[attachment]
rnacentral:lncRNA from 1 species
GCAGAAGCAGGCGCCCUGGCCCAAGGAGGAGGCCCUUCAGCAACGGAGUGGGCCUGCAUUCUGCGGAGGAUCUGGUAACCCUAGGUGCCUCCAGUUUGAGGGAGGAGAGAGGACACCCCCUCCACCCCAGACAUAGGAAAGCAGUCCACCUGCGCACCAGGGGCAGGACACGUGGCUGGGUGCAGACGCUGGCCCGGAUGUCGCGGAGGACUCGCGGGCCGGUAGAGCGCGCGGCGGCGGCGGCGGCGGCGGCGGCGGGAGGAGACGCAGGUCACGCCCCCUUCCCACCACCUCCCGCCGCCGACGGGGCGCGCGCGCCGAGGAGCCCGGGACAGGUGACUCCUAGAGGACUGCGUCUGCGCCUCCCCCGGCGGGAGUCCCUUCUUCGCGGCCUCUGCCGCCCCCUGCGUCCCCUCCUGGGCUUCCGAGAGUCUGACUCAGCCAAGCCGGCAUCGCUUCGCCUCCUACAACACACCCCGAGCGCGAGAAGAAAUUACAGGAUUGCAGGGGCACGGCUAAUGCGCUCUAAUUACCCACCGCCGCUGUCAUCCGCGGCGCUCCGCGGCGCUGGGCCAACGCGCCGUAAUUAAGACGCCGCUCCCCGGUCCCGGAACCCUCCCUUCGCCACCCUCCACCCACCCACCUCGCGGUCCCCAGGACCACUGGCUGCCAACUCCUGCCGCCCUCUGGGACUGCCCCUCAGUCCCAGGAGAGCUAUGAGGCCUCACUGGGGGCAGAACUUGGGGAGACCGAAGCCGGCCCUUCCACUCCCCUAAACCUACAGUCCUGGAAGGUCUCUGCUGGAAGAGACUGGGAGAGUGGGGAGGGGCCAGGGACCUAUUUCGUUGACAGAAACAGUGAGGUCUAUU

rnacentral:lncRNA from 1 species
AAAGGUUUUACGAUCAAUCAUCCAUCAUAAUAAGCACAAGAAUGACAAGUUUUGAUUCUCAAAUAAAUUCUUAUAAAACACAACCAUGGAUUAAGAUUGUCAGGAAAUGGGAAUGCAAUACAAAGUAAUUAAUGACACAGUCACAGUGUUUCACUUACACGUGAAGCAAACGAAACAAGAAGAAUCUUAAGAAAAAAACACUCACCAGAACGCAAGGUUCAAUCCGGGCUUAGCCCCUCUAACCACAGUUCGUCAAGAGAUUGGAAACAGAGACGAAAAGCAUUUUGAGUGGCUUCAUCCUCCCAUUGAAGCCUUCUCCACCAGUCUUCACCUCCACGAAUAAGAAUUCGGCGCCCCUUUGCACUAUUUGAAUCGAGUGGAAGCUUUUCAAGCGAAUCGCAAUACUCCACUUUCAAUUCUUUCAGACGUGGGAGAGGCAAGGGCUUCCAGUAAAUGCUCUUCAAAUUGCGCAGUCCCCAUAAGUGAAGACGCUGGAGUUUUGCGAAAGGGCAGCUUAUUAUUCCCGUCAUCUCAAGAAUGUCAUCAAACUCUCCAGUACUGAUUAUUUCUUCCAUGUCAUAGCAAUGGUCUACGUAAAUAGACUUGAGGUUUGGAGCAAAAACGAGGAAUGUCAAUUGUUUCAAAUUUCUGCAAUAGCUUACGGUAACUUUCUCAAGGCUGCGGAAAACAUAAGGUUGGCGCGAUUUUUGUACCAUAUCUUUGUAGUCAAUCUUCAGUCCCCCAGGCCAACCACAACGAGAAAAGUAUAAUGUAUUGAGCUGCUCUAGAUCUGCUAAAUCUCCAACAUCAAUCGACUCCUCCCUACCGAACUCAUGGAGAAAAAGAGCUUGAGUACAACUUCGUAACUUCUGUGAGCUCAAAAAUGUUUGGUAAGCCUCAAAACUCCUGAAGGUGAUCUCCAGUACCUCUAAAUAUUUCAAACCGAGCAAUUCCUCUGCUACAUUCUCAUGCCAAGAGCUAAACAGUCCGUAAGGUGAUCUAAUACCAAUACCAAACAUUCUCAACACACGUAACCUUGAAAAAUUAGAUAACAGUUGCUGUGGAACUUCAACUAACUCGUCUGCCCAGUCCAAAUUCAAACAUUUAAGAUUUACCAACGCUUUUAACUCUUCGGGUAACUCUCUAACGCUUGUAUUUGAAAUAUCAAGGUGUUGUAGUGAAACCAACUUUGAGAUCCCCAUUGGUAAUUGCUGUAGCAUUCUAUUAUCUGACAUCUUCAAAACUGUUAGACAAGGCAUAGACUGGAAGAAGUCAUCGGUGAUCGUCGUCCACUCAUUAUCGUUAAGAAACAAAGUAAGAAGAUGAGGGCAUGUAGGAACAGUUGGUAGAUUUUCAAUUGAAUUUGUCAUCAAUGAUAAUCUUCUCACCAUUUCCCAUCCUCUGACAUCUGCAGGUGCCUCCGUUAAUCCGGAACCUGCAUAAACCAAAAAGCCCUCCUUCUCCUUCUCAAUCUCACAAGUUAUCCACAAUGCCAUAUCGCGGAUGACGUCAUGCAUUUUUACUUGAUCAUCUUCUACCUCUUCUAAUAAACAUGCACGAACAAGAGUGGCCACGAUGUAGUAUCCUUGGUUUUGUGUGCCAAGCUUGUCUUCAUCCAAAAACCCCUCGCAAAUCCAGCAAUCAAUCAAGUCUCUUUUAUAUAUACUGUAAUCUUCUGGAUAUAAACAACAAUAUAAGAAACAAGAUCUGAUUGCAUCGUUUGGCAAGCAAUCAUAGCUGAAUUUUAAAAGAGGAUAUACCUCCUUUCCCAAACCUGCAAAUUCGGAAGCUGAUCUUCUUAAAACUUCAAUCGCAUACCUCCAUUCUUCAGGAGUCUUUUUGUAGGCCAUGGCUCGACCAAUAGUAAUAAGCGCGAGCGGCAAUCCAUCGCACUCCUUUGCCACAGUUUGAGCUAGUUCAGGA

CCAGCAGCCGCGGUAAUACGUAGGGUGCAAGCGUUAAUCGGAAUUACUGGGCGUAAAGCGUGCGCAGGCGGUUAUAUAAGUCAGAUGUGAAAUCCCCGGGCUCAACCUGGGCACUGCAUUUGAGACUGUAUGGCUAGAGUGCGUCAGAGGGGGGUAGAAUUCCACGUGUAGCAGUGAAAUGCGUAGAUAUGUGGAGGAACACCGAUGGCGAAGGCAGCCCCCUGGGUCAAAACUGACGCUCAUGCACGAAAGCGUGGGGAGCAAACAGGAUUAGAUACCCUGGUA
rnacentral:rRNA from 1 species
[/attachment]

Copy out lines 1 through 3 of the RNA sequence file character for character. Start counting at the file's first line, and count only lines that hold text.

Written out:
rnacentral:lncRNA from 1 species
GCAGAAGCAGGCGCCCUGGCCCAAGGAGGAGGCCCUUCAGCAACGGAGUGGGCCUGCAUUCUGCGGAGGAUCUGGUAACCCUAGGUGCCUCCAGUUUGAGGGAGGAGAGAGGACACCCCCUCCACCCCAGACAUAGGAAAGCAGUCCACCUGCGCACCAGGGGCAGGACACGUGGCUGGGUGCAGACGCUGGCCCGGAUGUCGCGGAGGACUCGCGGGCCGGUAGAGCGCGCGGCGGCGGCGGCGGCGGCGGCGGCGGGAGGAGACGCAGGUCACGCCCCCUUCCCACCACCUCCCGCCGCCGACGGGGCGCGCGCGCCGAGGAGCCCGGGACAGGUGACUCCUAGAGGACUGCGUCUGCGCCUCCCCCGGCGGGAGUCCCUUCUUCGCGGCCUCUGCCGCCCCCUGCGUCCCCUCCUGGGCUUCCGAGAGUCUGACUCAGCCAAGCCGGCAUCGCUUCGCCUCCUACAACACACCCCGAGCGCGAGAAGAAAUUACAGGAUUGCAGGGGCACGGCUAAUGCGCUCUAAUUACCCACCGCCGCUGUCAUCCGCGGCGCUCCGCGGCGCUGGGCCAACGCGCCGUAAUUAAGACGCCGCUCCCCGGUCCCGGAACCCUCCCUUCGCCACCCUCCACCCACCCACCUCGCGGUCCCCAGGACCACUGGCUGCCAACUCCUGCCGCCCUCUGGGACUGCCCCUCAGUCCCAGGAGAGCUAUGAGGCCUCACUGGGGGCAGAACUUGGGGAGACCGAAGCCGGCCCUUCCACUCCCCUAAACCUACAGUCCUGGAAGGUCUCUGCUGGAAGAGACUGGGAGAGUGGGGAGGGGCCAGGGACCUAUUUCGUUGACAGAAACAGUGAGGUCUAUU

rnacentral:lncRNA from 1 species